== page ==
|Fig.1: Connecting with Cyrus is a must for any young, aspiring career-seeker.|
|Fig.2: Territory of the Median Empire, with the Persis|
region labeled. Cyrus would take care of all the
different colors, however.
But according to the Greek historian Herodotus, who admittedly liked making up good stories about history rather than strive for accuracy (at least I do that with jokes), Christmas dinner got awkward after Astyages dreamed that his own grandson would one day overthrow him. He ordered for Cambyses' newborn baby, Cyrus, to be killed by taking him up to the mountains and leaving him to rot (the original definition of "spoiling your grandkids"). Luckily, Cyrus was rescued by a herdsman and his wife, who raised him as their own. (This oft-repeated theme of children of noble birth growing up within a humble family was beaten to death in ancient times, with the same occurring with the Greek hero Heracles, the Roman founders Romulus and Remus, and successful newspaper reporter Clark Kent.) It soon became apparent by the time Cyrus turned ten that he was a king at heart, herding his goats through taxation and demanding that they bow upon his arrival. Astyages soon became suspicious and interviewed the boy (the first of many for Cyrus), with the Median king deciding that this was indeed his grandson in the flesh (unfortunately, sans-rot). He was soon sent back to his parents as a prince of Persia with nothing more than a "My bad."
|Fig.3: Cyrus preferred to show off his |
good side during interviews.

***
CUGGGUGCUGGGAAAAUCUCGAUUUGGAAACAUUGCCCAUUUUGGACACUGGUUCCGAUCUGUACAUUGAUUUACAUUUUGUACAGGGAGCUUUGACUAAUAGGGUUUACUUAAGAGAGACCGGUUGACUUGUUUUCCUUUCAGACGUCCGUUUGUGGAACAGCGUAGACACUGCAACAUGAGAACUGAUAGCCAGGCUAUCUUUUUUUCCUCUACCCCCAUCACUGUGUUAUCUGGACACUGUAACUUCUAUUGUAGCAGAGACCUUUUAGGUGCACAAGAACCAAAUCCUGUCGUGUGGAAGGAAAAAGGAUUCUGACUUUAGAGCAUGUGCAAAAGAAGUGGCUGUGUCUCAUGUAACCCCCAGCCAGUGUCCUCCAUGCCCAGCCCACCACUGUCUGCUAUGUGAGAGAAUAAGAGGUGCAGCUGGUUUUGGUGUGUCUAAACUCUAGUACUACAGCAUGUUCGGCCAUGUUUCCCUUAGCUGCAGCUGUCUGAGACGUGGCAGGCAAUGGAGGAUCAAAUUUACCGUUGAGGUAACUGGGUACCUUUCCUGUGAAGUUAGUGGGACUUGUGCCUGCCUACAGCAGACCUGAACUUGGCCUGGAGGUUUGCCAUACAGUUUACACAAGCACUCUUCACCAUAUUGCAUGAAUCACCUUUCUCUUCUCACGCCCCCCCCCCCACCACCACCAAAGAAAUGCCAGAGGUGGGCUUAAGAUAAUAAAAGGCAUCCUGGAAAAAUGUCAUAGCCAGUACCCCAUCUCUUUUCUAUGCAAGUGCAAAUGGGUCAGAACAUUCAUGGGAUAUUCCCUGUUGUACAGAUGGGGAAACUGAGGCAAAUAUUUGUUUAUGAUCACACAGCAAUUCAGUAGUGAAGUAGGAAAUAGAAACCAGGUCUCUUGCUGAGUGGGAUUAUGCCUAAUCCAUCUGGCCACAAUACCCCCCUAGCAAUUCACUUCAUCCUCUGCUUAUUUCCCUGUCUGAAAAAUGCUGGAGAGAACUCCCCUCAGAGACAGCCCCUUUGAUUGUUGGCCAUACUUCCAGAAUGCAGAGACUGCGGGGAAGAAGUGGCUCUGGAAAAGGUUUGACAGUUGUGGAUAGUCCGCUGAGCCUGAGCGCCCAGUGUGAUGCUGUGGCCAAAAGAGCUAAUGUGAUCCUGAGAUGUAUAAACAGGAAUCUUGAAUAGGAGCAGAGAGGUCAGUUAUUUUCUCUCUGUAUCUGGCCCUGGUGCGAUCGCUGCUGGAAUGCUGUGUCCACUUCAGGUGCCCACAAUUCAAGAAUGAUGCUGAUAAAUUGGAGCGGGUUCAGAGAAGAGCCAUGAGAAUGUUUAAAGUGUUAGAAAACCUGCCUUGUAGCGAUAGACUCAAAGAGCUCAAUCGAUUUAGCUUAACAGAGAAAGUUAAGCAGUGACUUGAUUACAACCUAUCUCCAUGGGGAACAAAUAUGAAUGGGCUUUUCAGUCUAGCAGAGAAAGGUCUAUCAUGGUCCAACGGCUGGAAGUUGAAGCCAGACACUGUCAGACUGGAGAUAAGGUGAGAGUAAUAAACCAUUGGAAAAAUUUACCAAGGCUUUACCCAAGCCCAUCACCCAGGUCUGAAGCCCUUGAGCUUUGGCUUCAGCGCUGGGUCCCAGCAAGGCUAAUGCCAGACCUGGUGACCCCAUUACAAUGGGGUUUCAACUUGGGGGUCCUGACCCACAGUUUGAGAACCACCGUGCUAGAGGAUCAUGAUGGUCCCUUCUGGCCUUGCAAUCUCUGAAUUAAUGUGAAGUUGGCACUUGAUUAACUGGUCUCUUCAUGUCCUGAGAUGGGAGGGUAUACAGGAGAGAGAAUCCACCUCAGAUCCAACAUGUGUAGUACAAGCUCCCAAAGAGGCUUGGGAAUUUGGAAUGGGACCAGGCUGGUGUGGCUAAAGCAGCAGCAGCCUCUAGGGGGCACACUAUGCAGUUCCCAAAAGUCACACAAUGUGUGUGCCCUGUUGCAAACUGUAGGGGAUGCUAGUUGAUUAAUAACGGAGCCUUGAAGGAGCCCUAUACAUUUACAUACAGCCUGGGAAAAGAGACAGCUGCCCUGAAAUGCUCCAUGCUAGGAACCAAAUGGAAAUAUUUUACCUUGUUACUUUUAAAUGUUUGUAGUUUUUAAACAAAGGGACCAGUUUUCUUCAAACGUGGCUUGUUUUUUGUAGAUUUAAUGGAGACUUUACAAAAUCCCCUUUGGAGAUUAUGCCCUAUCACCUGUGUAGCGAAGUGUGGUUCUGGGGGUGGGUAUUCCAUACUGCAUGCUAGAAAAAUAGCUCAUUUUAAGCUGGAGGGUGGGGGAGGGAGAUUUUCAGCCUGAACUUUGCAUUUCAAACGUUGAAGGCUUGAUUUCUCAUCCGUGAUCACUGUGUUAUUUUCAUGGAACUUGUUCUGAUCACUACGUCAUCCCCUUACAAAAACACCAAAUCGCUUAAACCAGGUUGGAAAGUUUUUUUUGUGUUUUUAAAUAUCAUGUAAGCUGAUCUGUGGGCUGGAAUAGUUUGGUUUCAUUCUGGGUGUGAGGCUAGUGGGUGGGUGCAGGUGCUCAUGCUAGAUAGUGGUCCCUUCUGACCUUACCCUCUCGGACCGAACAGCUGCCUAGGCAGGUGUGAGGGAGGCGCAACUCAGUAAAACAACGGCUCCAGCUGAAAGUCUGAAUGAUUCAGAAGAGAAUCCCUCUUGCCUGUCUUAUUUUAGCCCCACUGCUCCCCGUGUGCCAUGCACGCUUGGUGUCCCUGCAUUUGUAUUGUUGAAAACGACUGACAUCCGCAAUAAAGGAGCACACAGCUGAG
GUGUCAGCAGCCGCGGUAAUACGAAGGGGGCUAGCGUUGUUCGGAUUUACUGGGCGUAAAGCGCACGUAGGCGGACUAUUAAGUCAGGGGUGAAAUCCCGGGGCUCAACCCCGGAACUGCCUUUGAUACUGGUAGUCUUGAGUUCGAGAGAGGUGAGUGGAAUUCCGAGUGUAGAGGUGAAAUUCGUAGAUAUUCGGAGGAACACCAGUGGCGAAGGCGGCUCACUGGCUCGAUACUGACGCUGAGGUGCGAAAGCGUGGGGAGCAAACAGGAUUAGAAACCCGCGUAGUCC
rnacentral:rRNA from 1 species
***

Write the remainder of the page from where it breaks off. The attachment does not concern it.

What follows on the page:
The Lydian Kingdom in present-day Turkey saw this as the perfect time to invade territory previously under Median control. Cyrus showed the Lydians that their investments were a little to hasty, crushing them at the Battle of Thymbra and capturing their capital of Sardis around 547 BC. Asia Minor was then added to Cyrus's domain, but resting on your laurels was not the way to get ahead in the shark tank of the ancient world. Eventually Cyrus attacked the Babylonian Empire, rulers of Mesopotamia and all its irrigation. Unfortunately this wasn't the same Babylonian Empire of Hammurabi days; it had the look and feel of the one that fell centuries before (even reviving the use of the long-dead Sumerian dialect for official business, much to the glee of language acquisition companies like Rosetta Stone), but this "Neo-Babylonian" Empire certainly was not "the one." Cyrus routed the Babylonians at the Battle of Mr. Holland's Opis in 539 BC, and quickly followed it up with the capture of Babylon. Luckily for the Persians, the Babylonians also controlled Syria, the increasingly Holy Land of Judea, and parts of Arabia! The addition of these lands created the largest empire mankind had seen to that date, and forced Cyrus to tighten the margin-size of his resume in order to keep it to a single page.